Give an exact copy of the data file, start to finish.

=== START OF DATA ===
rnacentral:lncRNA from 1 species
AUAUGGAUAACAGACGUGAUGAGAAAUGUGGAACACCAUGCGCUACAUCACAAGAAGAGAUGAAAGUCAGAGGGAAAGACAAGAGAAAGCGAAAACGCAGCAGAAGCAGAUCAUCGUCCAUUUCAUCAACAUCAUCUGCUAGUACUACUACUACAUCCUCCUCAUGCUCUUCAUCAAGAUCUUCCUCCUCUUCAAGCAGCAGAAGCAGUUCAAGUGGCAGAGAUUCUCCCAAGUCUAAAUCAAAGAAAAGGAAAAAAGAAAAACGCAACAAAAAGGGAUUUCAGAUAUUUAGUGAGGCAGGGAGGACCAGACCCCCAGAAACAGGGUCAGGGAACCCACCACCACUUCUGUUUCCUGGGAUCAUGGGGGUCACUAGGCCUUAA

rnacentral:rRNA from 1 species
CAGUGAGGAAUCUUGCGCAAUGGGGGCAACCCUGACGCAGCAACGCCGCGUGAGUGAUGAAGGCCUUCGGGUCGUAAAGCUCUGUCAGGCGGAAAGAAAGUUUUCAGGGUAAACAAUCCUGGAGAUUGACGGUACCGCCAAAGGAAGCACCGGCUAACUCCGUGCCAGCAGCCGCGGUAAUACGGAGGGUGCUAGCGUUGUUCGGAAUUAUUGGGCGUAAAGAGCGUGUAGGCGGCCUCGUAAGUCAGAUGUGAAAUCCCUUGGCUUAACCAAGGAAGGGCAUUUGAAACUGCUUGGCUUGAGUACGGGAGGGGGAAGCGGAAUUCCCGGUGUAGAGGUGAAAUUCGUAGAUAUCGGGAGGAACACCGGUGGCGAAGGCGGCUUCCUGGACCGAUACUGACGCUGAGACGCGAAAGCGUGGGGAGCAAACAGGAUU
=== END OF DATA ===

rnacentral:lncRNA from 1 species
AUAUGGAUAACAGACGUGAUGAGAAAUGUGGAACACCAUGCGCUACAUCACAAGAAGAGAUGAAAGUCAGAGGGAAAGACAAGAGAAAGCGAAAACGCAGCAGAAGCAGAUCAUCGUCCAUUUCAUCAACAUCAUCUGCUAGUACUACUACUACAUCCUCCUCAUGCUCUUCAUCAAGAUCUUCCUCCUCUUCAAGCAGCAGAAGCAGUUCAAGUGGCAGAGAUUCUCCCAAGUCUAAAUCAAAGAAAAGGAAAAAAGAAAAACGCAACAAAAAGGGAUUUCAGAUAUUUAGUGAGGCAGGGAGGACCAGACCCCCAGAAACAGGGUCAGGGAACCCACCACCACUUCUGUUUCCUGGGAUCAUGGGGGUCACUAGGCCUUAA

rnacentral:rRNA from 1 species
CAGUGAGGAAUCUUGCGCAAUGGGGGCAACCCUGACGCAGCAACGCCGCGUGAGUGAUGAAGGCCUUCGGGUCGUAAAGCUCUGUCAGGCGGAAAGAAAGUUUUCAGGGUAAACAAUCCUGGAGAUUGACGGUACCGCCAAAGGAAGCACCGGCUAACUCCGUGCCAGCAGCCGCGGUAAUACGGAGGGUGCUAGCGUUGUUCGGAAUUAUUGGGCGUAAAGAGCGUGUAGGCGGCCUCGUAAGUCAGAUGUGAAAUCCCUUGGCUUAACCAAGGAAGGGCAUUUGAAACUGCUUGGCUUGAGUACGGGAGGGGGAAGCGGAAUUCCCGGUGUAGAGGUGAAAUUCGUAGAUAUCGGGAGGAACACCGGUGGCGAAGGCGGCUUCCUGGACCGAUACUGACGCUGAGACGCGAAAGCGUGGGGAGCAAACAGGAUU